Tribune, Cablevision Locked In Carriage Battle

boxingGlovesThe carriage disputes between distributors and broadcast groups are becoming as common as reality series. Tribune-owned stations are off Cablevision as of Friday in two of the country’s largest markets: New York and Philadelphia.

Blackouts have also occurred in two other areas.

The CW affiliates are dark in Cablevision homes in New York, Hartford and Denver, while the MyNetworkTV affiliate in Philadelphia has also been blacked out.

In Philadelphia, WPHL is scheduled to carry Phillies games Friday and Sunday. A Cablevision-Fox dispute several years ago had World Series games off in Cablevision homes and prompted action by senators in a Capitol Hill hearing.

Dish and Sinclair came to an agreement in principle on a new carriage deal a day before the Tribune-Cablevision standoff erupted.

Tribune says Cablevision removed the stations “while in the middle of negotiations … and without warning.”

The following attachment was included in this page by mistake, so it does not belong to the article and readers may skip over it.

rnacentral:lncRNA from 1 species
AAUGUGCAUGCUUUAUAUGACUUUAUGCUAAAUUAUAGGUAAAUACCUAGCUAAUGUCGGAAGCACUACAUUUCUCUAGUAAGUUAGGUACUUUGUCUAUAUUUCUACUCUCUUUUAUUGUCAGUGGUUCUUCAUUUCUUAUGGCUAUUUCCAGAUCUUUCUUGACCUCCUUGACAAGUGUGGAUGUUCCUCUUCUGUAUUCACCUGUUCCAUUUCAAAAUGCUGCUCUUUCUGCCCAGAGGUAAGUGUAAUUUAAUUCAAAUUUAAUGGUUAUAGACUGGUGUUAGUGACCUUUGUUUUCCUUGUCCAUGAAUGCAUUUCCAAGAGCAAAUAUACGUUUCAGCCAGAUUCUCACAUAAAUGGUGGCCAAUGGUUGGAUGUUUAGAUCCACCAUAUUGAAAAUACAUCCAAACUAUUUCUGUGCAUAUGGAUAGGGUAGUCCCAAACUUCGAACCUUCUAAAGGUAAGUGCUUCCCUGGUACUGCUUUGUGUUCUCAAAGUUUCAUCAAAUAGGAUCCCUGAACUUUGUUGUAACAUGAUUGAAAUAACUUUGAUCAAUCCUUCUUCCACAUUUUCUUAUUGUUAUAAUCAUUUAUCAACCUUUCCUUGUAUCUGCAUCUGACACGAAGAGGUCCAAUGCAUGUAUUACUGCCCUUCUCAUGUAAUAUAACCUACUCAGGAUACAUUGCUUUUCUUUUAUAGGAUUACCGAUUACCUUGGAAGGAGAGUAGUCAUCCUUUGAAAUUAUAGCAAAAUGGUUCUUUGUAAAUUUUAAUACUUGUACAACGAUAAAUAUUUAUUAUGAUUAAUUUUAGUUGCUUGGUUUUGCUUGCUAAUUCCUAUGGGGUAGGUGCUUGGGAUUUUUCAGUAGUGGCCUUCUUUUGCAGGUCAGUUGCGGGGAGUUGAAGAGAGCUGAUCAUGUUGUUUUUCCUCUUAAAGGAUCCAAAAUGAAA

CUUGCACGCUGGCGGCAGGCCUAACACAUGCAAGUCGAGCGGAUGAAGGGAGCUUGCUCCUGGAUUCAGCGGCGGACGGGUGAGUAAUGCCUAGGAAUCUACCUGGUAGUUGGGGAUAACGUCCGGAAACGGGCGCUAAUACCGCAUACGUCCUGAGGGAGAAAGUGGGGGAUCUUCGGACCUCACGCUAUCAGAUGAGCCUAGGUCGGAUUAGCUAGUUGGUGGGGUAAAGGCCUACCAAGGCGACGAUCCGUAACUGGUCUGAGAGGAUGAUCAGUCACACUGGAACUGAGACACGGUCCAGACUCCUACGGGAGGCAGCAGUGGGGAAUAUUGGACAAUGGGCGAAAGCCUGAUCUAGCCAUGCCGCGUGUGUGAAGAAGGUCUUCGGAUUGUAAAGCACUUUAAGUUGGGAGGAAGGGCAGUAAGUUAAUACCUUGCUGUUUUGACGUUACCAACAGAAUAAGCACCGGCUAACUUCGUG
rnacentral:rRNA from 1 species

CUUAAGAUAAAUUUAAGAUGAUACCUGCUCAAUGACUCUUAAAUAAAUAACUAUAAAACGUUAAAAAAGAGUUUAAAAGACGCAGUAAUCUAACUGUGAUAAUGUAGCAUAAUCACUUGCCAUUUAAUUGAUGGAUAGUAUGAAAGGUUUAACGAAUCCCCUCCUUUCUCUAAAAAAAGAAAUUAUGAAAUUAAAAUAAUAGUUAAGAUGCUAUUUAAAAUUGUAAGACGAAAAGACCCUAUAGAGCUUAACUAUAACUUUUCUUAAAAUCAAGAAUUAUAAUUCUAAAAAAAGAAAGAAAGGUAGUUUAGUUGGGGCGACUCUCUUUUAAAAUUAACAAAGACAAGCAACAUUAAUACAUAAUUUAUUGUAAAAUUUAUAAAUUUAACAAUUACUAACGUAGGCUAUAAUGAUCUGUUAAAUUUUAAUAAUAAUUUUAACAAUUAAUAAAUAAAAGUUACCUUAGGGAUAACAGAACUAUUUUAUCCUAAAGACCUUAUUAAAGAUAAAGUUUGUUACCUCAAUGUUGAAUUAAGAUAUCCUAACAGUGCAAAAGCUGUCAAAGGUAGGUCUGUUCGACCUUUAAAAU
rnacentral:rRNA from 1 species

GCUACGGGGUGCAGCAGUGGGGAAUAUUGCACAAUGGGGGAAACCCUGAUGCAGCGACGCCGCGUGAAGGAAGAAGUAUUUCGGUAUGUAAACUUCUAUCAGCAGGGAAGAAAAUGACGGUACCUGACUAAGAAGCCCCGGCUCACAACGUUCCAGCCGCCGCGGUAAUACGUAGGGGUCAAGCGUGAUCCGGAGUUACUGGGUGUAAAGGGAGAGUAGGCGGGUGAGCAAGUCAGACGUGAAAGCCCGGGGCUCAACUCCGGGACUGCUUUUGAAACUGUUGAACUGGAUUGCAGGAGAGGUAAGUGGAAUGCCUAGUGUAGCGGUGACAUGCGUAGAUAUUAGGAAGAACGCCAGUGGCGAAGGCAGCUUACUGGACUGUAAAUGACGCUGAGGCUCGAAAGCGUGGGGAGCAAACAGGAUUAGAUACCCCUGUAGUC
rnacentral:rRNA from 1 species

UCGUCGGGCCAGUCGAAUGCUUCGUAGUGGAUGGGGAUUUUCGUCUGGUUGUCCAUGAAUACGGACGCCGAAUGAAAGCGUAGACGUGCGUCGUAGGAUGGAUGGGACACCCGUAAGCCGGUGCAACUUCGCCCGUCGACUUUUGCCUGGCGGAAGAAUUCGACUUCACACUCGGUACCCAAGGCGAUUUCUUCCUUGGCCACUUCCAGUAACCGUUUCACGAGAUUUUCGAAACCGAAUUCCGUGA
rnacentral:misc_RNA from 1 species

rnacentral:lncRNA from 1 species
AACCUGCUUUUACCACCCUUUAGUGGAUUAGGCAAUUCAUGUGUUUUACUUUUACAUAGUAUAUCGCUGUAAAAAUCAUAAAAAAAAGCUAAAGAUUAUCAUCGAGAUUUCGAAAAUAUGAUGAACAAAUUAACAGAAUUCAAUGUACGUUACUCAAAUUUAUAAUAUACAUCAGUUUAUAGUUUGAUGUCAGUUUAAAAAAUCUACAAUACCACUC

“What we have proposed amounts to less than a penny a day per subscriber, well below what Cablevision pays to providers of less well-watched channels,” the station group said.

Cablevision’s response: "The bankrupt Tribune Co. and the hedge funds and banks that own it, including Oaktree Capital Management, Angelo Gordon & Co. and others, are trying to solve Tribune's financial problems on the backs of Cablevision customers.  Tribune and their hedge fund owners are demanding tens of millions in new fees for WPIX and other stations they own.”



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